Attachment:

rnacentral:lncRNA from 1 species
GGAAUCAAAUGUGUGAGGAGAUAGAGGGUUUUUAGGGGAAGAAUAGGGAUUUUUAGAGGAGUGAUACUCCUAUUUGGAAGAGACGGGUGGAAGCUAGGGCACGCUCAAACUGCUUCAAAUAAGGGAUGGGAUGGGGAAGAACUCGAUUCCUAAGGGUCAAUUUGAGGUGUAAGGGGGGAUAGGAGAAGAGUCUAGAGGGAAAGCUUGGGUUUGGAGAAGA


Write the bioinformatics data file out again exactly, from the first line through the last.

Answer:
rnacentral:lncRNA from 1 species
GGAAUCAAAUGUGUGAGGAGAUAGAGGGUUUUUAGGGGAAGAAUAGGGAUUUUUAGAGGAGUGAUACUCCUAUUUGGAAGAGACGGGUGGAAGCUAGGGCACGCUCAAACUGCUUCAAAUAAGGGAUGGGAUGGGGAAGAACUCGAUUCCUAAGGGUCAAUUUGAGGUGUAAGGGGGGAUAGGAGAAGAGUCUAGAGGGAAAGCUUGGGUUUGGAGAAGA